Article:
Let's go on vacation to the automotive islands of paradise
Seeing as we can't go many places, might we try to visit the great automotive-named islands of paradise?!
Imagine you're rich and famous--the type where the world is your oyster. You can go anywhere and do anything in your Gulfstream G650. Might this be the time of year to jet-set to an exotic place, full of fruity drinks, and sandy beaches? Now, imagine getting to this place of paradise to find it's named after a car brand?! Somehow the affluent shores of nirvana have lost their edge when it's called Nissan, Volvo, or even Jeep?
Image via Wikipedia and NASA
Slumming through Google Maps one late night, I came across Nissan Island: a mere spec of land somewhere in Papua New Guinea. Interestingly though, it was fought over in WW2 and Richard Nixon--of all people--was a supply officer during its occupation. This looks like a sublime place to fish. I can't wait to visit and see all the wild Altimas in the woods, the soaring Maximas, and swimming Rogues.
Image via LISA AMIDEI VIA ROADSIDE AMERICA and The Drive
Weirdly enough, this is far from the only island in the world named after a car brand. My slumming brought me next to Volvo Island in the United States. This one is even better, because there is an actual Volvo stuck on it, and because I can actually visit this one without a flight. Volvo Island is an artificial island in Illinois with a 2001 Volvo S80 stuck on it?!
Hashima Island (...but built by Mitsubishi)
By Flickr user: kntrty https://www.flickr.com/photos/kntrty/ - Flickr: https://www.flickr.com/photos/kntrty/3720075234/, CC BY 2.0, https://commons.wikimedia.org/w/index.php?curid=22520691
Okay, so this one might not be called "Mitsubishi Island" but it was built by the conglomerate. In the late 1800s, Mitsubishi opened a coal mine on this small island after buying it; which ended up powering the shipbuilding industry of Japan. This island--and corporation--directly contributed to the naval power Japan had during the three wars she saw in the 1900s (Japanese-Sino and both World Wars). Wildly enough, this place was the most densely populated place on earth during the coal minding heyday: 5,000 people living on 16 acres of land!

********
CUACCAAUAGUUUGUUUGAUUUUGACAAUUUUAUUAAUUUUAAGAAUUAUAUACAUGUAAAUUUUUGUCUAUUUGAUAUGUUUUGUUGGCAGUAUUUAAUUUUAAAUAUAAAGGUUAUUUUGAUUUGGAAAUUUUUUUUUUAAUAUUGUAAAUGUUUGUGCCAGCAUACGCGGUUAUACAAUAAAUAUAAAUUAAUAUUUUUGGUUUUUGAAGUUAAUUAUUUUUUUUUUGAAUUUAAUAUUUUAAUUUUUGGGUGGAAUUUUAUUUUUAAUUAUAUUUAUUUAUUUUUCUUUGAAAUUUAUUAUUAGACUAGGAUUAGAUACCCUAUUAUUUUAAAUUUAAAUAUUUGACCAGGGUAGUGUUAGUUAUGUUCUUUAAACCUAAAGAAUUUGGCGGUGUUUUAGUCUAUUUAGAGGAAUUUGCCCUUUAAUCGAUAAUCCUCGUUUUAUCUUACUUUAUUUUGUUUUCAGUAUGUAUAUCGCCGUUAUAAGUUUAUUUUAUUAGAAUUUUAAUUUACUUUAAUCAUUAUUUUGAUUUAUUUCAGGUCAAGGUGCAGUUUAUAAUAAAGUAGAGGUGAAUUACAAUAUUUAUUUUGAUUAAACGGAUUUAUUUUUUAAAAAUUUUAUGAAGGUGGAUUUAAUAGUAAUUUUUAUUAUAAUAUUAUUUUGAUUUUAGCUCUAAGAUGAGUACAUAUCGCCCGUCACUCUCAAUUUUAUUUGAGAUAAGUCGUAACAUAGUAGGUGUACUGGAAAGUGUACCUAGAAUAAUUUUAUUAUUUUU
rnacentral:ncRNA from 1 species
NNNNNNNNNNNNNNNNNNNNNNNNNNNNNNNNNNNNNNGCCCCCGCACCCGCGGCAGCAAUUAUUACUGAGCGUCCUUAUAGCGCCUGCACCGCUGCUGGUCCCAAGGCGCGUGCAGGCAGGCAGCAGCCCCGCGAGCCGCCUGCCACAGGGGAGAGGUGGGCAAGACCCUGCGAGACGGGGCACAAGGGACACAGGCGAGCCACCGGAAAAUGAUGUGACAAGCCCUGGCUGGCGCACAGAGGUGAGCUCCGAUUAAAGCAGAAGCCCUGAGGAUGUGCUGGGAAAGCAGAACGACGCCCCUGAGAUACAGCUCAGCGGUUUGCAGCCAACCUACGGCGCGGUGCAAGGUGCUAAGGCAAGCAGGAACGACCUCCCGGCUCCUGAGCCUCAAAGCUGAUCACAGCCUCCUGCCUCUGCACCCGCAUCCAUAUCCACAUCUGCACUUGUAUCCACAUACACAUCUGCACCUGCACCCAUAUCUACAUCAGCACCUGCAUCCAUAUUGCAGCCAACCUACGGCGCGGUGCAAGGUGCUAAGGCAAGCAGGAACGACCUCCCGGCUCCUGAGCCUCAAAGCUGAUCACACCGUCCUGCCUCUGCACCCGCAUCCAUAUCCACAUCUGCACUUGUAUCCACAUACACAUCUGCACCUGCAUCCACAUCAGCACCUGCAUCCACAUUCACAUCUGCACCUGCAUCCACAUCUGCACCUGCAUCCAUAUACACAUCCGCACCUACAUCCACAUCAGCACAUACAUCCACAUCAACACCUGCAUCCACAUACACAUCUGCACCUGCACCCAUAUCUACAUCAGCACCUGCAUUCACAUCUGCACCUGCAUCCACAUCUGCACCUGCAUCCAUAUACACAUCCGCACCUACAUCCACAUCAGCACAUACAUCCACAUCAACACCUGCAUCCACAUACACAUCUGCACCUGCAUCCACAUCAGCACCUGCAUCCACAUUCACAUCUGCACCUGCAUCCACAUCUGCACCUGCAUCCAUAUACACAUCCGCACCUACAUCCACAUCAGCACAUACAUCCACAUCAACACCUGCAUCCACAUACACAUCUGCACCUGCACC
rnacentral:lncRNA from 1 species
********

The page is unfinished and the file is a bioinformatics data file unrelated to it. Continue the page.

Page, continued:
By Stepheng3 - Own work, CC BY-SA 3.0, https://commons.wikimedia.org/w/index.php?curid=16038803
Abraham Lincoln's dying wish, presumably, was for people to name many things after him: a car company, schools of all sizes, naval ships; and most notably, a small woody island in the nowhere of southeastern Alaska. This tiny speck of land was first sighted by the crew of the HMS Discovery during its 1791-95 expedition. It was named after Honest Abe after his death in 1868 and is weirdly located in a channel known as the 'Favorite Channel'.
Screen grab from YouTube channel Pianissimofirefly
Somewhere in the Chuuk State of the Federated States of Micronesia, there is a small island dedicated to Jeep. But, don't get too excited, unless you're Japanese, you won't be going here. What type of xenophobics is this to deny the non-Japanese from worshiping the Jeep gods in their holy land?! This place actually looks like a place you might want to visit if you have always wanted to be marooned. This place looks like it require every mode of transportation known to get there, only to find out the Jeep collection is less than worthy of your connoisseurship.
By U.S. Navy photo by Mass Communication Specialist Seaman Johans Chavarro - This image was released by the United States Navy with the ID 130806-N-IU636-996 (next).This tag does not indicate the copyright status of the attached work.
Of course, there is an island named Ford. You've seen this one in movies and documentaries. It is a famous place of infamy. This is the island in the middle of Pearl Harbor; where you can visit the Arizona Memorial and tour the USS Missouri. This island isn't named after the Ford we know (Henry), it was named after an American doctor who worked in Hawaii under the Kingdom of Hawaii. It is a natural island, but the water was dredged around it, increasing its size to allow battleships entry. The rest of the history is a bit of common knowledge.
Image via https://mapcarta.com/24106656 screenshot
This one probably doesn't count either, but hey... it's on the map! This is a residential neighborhood in Fairbanks, Alaska, on an oxbow of the Chena River. Maybe at some point, it was an island? It sure doesn't look like it now. Looking at the map, there is a greenbelt just north of the area, which leads me to believe that it must have been. An island no more! There are likely no Bentley automobiles here either considering the median house price is ~$250k; it just isn't the right neighborhood for such luxuries.